GBP/USD is used as an example here because it offsets conveniently against your existing long dollar position. Note that there is a consequent added impact on your exposure to the US dollar. Another slightly less direct way of hedging a currency exposure is to place a trade with a correlated currency pair.

Direct FX Hedging Strategy

Direct hedging in forex occurs when traders are already in trade and open the opposite trading orders on the same pair. The hedge forex strategy is utilised by traders who are not sure on how certain events can influence the pair price and want to stay in the position longer. 

On the downside, if the news is positive for the original order, the trader experiences losses from the hedged position. In order to limit the losses, it’s wise to use the stop loss order on hedged positions. The size of your stop loss depends on the environment, the importance of the news and other factors. 

It’s important to note that some brokers do not allow direct hedging and they close out the first position whenever you place an opposite one or merge them. Direct hedging in forex trading is not allowed in some countries, including the USA. The main reason why American financial authorities have decided to ban the practice is to keep the traders from overtrading and paying double spreads and commissions. 

Forex Options Hedging Strategy

In case you want to avoid opening and closing multiple trades in opposite directions on the same currency at the same time, you can use options. Options give traders a right and not an obligation to purchase or sell currencies at a predetermined price, at a specific date into the future. 

Forex options are preferred by many traders due to the fact that the risks are limited. On the downside, traders pay the premium for opening the position. 

Now let’s see the example, let’s say a trader has opened a long position on EUR/USD from 1.07 and everything goes according to the plan. And the price of the pair has jumped to 1.1. In order to protect the position from possible losses, the trader can buy a put option at 1.09. So that even if something unexpected happens, a trader can exercise the option and close position at 1.09, limiting further losses.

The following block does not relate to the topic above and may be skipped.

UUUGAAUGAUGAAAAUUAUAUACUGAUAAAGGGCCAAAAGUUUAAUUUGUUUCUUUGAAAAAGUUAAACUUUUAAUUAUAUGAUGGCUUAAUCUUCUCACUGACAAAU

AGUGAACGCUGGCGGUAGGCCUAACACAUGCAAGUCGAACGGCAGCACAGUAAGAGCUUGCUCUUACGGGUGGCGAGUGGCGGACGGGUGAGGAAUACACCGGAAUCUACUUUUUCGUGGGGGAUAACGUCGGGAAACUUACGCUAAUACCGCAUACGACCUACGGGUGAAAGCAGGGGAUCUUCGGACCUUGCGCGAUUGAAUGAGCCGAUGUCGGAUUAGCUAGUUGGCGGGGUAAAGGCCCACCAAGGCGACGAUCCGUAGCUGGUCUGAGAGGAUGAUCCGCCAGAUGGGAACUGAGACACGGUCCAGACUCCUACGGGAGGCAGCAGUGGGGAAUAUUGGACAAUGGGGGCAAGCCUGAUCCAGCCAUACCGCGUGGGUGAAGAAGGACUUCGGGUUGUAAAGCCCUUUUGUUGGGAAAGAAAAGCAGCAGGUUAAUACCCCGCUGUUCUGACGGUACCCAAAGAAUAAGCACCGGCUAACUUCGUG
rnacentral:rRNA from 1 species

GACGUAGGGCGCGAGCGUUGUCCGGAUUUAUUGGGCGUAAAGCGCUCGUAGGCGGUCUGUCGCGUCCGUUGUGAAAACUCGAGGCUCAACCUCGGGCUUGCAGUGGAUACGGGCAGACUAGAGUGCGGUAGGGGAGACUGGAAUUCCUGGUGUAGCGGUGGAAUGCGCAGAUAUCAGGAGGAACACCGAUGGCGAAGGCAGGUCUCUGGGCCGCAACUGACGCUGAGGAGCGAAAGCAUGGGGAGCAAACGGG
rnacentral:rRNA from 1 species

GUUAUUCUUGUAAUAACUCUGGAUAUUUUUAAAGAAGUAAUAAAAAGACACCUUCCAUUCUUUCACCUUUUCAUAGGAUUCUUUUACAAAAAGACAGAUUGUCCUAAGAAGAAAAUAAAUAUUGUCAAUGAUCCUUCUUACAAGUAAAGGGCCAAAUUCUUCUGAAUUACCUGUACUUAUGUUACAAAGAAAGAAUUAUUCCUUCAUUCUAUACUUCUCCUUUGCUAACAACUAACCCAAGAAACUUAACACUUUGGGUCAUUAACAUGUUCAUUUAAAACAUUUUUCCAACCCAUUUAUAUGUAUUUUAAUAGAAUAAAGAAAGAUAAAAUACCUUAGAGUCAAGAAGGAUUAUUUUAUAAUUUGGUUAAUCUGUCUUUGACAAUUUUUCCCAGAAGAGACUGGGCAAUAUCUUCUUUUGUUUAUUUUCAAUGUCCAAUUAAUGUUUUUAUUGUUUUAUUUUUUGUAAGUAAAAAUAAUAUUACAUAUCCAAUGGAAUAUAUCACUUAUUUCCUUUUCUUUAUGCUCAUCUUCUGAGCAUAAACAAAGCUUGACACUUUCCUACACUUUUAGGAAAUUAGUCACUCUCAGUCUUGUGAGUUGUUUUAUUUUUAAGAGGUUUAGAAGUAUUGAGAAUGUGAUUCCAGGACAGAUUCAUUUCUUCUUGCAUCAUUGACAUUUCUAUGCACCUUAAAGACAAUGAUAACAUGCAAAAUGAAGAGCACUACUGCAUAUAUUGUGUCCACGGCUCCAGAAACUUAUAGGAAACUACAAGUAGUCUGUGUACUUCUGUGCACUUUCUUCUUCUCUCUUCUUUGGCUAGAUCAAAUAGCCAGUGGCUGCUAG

Forex Correlation Hedging Strategy

Some forex pairs are in close correlation with each other. The correlation is calculated using the correlation coefficient ranging from -1 and +1. The proximity to +1 indicates that the currencies will move similarly on the charts. The proximity to -1 means that the currencies are correlated adversely. If the coefficient indicates a number close to 0, it means that the currencies are not correlated.

The Forex Correlation hedging strategy involves opening the opposite position to your original position using a closely correlated currency pair. For example, Euro and GBP are widely known to be closely correlated due to the fact that both European and British economies have close ties. In case you’re planning to hedge your risks when trading EUR/USD, you can open an opposite order on GBP/USD. 

On the upside, the correlation strategy is completely legal in all countries and often used by forex traders. 

On the downside, no currency is in complete correlation with another. As a result risks are magnified during divergence. 

Moreover, correlation hedging strategies can also be used in stock markets, when many shares copy the performance of their index, while the index measures the collective performance of certain shares. 

How to Choose the Best Forex Hedging Strategy?

Forex hedging strategies should not be viewed as a trading strategy. It's more like insurance. As with any insurance, it costs money. For options traders, the premium paid is that cost. Traders hedge their long positions from short time price fluctuations that can be caused by economic and political news.